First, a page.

The Gamboa Rainforest Resort Pool
The pool area is expansive and the water is refreshing. Those who spend time in tropical countries know having cool refreshing breaks are lifesaving. The thing is that the pool, like many other things at Gamboa Rainforest Resort just misses the mark. There are little cracks in the cement all around the pool. The plantings in the pool area don’t look good or are non-existent. Everything just seems a little worse for wear and the venue isn’t utilized to its maximum potential. Nonetheless, it is wonderful to have this cool oasis in the heat and humidity of Panama.
Jungle Exploration Activities
Gamboa Rainforest Resort’s biggest plus is the number of activities that they have available for people of all ages. There is the Aerial Tram which we loved, and is free for guests. A sloth was resting in a tree just 4 feet from our tram seats!
There is a tower to climb to get an even better view of the rainforest. If you are interested in the canal, there’s a boat tour than includes the canal and Lake Gatun. In addition, you can partake in a tour of a nearby indigenous village.
Also, the hotel has its own amazing exhibits with species from the surrounding habitats. These include a butterfly garden, an orchid garden, an amphibian habitat, and a reptile house (sadly closed when we were there.)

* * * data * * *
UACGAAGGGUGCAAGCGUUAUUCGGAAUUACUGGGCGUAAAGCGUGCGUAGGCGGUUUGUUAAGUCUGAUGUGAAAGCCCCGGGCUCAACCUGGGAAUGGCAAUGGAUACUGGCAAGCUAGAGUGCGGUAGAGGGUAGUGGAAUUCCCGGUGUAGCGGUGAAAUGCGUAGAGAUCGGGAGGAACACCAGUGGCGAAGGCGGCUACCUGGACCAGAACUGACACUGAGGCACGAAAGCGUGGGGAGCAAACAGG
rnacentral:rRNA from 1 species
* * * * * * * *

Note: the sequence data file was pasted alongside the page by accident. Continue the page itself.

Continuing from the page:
Tour of the Rainforest at Night
Another experience that was included in the price of our stay was a nighttime nature tour. This experience didn’t yield much in the way of wildlife sighting, but had a lot of other excitement. About 15 of us piled into an open sided African safari-type vehicle with slippery bench seats. There was a driver and a “guide” present. The guide stood behind the cab with a large handheld spotlight.
Taking off at about 40 miles per hour, the guide would whip her light from road to tree and yell in passing, “There’s an agouti!” “See the rabbit?” (What Panamanians call a rabbit is actually a paca, relative of agoutis and guinea pigs.) The truck never slowed down and you could never see the sight, but you did get to know the other passengers on an intimate basis lurching from side to side on the seats as the truck careened around town. It was a hoot!
My Gamboa Rainforest Resort Dream
As I said before, I’ve never had any desire to own a large hotel or even a small one. This place captured me. Here are some of my ideas for the place. (Hotel owners, please feel free to run with these.)
Make GRR the Premier science-based rainforest destination in the world. Heck, the Smithsonian Tropical Rainforest Institute is right there in Lake Gatun. The scientific community and bird lovers, forest lovers and others could be the center of this business.
Bring in the best chefs from Panama City, extend the restaurant hours and make it a food and drink destination.
Provide state of the art technology for meeting rooms and the library. Meetings and classes on the rainforest could be held there year round.
Emphasize the view. Increase seating, cocktail service, and food to areas with the breathtaking view of the Chagres.
Increase the nature and wildlife rescue emphasis. There is already a good foundation with the evening programs presented by the Asociacion Panamericana para la Conservacion.
Use the beautiful pool area to its fullest. Put in a full service bar and outdoor eating venue. Provide great snacks and fun around the pool at a price.